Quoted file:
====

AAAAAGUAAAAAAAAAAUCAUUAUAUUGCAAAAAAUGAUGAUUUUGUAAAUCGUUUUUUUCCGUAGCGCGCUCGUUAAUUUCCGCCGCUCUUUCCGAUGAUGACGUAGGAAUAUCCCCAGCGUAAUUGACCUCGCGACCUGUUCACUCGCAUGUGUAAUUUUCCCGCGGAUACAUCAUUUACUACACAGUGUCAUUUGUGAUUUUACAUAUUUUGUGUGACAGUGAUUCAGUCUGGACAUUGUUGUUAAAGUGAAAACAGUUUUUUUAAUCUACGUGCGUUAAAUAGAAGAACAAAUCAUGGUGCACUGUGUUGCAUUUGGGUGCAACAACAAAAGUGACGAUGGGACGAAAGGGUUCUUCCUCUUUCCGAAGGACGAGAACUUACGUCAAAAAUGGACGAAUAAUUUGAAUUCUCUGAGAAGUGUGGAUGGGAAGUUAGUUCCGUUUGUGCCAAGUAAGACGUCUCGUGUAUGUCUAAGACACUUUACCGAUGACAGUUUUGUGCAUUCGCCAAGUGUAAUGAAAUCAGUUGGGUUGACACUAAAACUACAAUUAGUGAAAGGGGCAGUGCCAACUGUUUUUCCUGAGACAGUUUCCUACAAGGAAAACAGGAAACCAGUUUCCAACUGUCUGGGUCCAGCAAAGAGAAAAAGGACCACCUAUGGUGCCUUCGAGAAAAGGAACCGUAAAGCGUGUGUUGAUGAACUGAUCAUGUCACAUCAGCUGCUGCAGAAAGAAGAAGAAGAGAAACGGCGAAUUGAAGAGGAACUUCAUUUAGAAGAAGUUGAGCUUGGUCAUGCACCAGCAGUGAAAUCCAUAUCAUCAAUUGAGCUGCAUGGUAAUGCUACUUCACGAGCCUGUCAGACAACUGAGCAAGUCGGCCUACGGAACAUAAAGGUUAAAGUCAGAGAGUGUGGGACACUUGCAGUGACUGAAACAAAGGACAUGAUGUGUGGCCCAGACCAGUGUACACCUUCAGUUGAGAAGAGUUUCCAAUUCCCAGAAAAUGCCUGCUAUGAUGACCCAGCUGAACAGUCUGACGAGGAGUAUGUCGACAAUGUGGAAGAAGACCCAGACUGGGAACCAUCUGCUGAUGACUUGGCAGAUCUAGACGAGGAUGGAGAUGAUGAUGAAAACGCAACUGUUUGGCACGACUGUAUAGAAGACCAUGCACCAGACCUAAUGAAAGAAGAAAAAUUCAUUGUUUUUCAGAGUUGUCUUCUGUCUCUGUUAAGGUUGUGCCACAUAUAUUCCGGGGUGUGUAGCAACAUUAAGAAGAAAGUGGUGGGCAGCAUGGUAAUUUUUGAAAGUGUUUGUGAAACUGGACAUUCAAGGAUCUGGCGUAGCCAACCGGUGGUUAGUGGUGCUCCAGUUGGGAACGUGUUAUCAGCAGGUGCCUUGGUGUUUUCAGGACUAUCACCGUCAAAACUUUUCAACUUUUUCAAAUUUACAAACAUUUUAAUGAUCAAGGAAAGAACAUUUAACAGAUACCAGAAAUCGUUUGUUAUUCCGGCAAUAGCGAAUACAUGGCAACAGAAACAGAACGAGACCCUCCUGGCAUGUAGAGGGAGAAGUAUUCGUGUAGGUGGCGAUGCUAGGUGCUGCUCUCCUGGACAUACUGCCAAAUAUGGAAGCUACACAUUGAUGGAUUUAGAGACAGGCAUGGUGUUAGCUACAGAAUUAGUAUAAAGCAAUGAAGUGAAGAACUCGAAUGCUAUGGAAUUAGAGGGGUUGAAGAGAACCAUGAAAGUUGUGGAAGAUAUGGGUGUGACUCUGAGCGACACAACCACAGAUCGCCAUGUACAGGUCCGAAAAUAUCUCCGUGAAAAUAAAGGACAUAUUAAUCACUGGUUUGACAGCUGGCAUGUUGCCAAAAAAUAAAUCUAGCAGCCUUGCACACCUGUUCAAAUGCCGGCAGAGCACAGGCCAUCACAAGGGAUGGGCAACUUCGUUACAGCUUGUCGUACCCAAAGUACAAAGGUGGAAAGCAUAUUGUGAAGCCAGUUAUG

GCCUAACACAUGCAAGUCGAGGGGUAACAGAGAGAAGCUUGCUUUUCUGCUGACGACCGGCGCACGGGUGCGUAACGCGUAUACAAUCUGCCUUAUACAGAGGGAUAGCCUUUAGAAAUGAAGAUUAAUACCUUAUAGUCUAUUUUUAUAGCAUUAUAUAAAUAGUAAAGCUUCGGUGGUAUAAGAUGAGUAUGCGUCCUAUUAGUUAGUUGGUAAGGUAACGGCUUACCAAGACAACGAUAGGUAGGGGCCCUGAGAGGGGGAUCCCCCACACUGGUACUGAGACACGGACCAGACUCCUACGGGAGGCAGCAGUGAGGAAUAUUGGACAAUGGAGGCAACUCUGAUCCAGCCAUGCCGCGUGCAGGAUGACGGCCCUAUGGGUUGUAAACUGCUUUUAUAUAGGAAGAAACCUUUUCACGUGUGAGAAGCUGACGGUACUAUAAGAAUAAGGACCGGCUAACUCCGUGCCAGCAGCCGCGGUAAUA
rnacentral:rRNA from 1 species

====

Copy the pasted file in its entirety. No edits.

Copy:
AAAAAGUAAAAAAAAAAUCAUUAUAUUGCAAAAAAUGAUGAUUUUGUAAAUCGUUUUUUUCCGUAGCGCGCUCGUUAAUUUCCGCCGCUCUUUCCGAUGAUGACGUAGGAAUAUCCCCAGCGUAAUUGACCUCGCGACCUGUUCACUCGCAUGUGUAAUUUUCCCGCGGAUACAUCAUUUACUACACAGUGUCAUUUGUGAUUUUACAUAUUUUGUGUGACAGUGAUUCAGUCUGGACAUUGUUGUUAAAGUGAAAACAGUUUUUUUAAUCUACGUGCGUUAAAUAGAAGAACAAAUCAUGGUGCACUGUGUUGCAUUUGGGUGCAACAACAAAAGUGACGAUGGGACGAAAGGGUUCUUCCUCUUUCCGAAGGACGAGAACUUACGUCAAAAAUGGACGAAUAAUUUGAAUUCUCUGAGAAGUGUGGAUGGGAAGUUAGUUCCGUUUGUGCCAAGUAAGACGUCUCGUGUAUGUCUAAGACACUUUACCGAUGACAGUUUUGUGCAUUCGCCAAGUGUAAUGAAAUCAGUUGGGUUGACACUAAAACUACAAUUAGUGAAAGGGGCAGUGCCAACUGUUUUUCCUGAGACAGUUUCCUACAAGGAAAACAGGAAACCAGUUUCCAACUGUCUGGGUCCAGCAAAGAGAAAAAGGACCACCUAUGGUGCCUUCGAGAAAAGGAACCGUAAAGCGUGUGUUGAUGAACUGAUCAUGUCACAUCAGCUGCUGCAGAAAGAAGAAGAAGAGAAACGGCGAAUUGAAGAGGAACUUCAUUUAGAAGAAGUUGAGCUUGGUCAUGCACCAGCAGUGAAAUCCAUAUCAUCAAUUGAGCUGCAUGGUAAUGCUACUUCACGAGCCUGUCAGACAACUGAGCAAGUCGGCCUACGGAACAUAAAGGUUAAAGUCAGAGAGUGUGGGACACUUGCAGUGACUGAAACAAAGGACAUGAUGUGUGGCCCAGACCAGUGUACACCUUCAGUUGAGAAGAGUUUCCAAUUCCCAGAAAAUGCCUGCUAUGAUGACCCAGCUGAACAGUCUGACGAGGAGUAUGUCGACAAUGUGGAAGAAGACCCAGACUGGGAACCAUCUGCUGAUGACUUGGCAGAUCUAGACGAGGAUGGAGAUGAUGAUGAAAACGCAACUGUUUGGCACGACUGUAUAGAAGACCAUGCACCAGACCUAAUGAAAGAAGAAAAAUUCAUUGUUUUUCAGAGUUGUCUUCUGUCUCUGUUAAGGUUGUGCCACAUAUAUUCCGGGGUGUGUAGCAACAUUAAGAAGAAAGUGGUGGGCAGCAUGGUAAUUUUUGAAAGUGUUUGUGAAACUGGACAUUCAAGGAUCUGGCGUAGCCAACCGGUGGUUAGUGGUGCUCCAGUUGGGAACGUGUUAUCAGCAGGUGCCUUGGUGUUUUCAGGACUAUCACCGUCAAAACUUUUCAACUUUUUCAAAUUUACAAACAUUUUAAUGAUCAAGGAAAGAACAUUUAACAGAUACCAGAAAUCGUUUGUUAUUCCGGCAAUAGCGAAUACAUGGCAACAGAAACAGAACGAGACCCUCCUGGCAUGUAGAGGGAGAAGUAUUCGUGUAGGUGGCGAUGCUAGGUGCUGCUCUCCUGGACAUACUGCCAAAUAUGGAAGCUACACAUUGAUGGAUUUAGAGACAGGCAUGGUGUUAGCUACAGAAUUAGUAUAAAGCAAUGAAGUGAAGAACUCGAAUGCUAUGGAAUUAGAGGGGUUGAAGAGAACCAUGAAAGUUGUGGAAGAUAUGGGUGUGACUCUGAGCGACACAACCACAGAUCGCCAUGUACAGGUCCGAAAAUAUCUCCGUGAAAAUAAAGGACAUAUUAAUCACUGGUUUGACAGCUGGCAUGUUGCCAAAAAAUAAAUCUAGCAGCCUUGCACACCUGUUCAAAUGCCGGCAGAGCACAGGCCAUCACAAGGGAUGGGCAACUUCGUUACAGCUUGUCGUACCCAAAGUACAAAGGUGGAAAGCAUAUUGUGAAGCCAGUUAUG

GCCUAACACAUGCAAGUCGAGGGGUAACAGAGAGAAGCUUGCUUUUCUGCUGACGACCGGCGCACGGGUGCGUAACGCGUAUACAAUCUGCCUUAUACAGAGGGAUAGCCUUUAGAAAUGAAGAUUAAUACCUUAUAGUCUAUUUUUAUAGCAUUAUAUAAAUAGUAAAGCUUCGGUGGUAUAAGAUGAGUAUGCGUCCUAUUAGUUAGUUGGUAAGGUAACGGCUUACCAAGACAACGAUAGGUAGGGGCCCUGAGAGGGGGAUCCCCCACACUGGUACUGAGACACGGACCAGACUCCUACGGGAGGCAGCAGUGAGGAAUAUUGGACAAUGGAGGCAACUCUGAUCCAGCCAUGCCGCGUGCAGGAUGACGGCCCUAUGGGUUGUAAACUGCUUUUAUAUAGGAAGAAACCUUUUCACGUGUGAGAAGCUGACGGUACUAUAAGAAUAAGGACCGGCUAACUCCGUGCCAGCAGCCGCGGUAAUA
rnacentral:rRNA from 1 species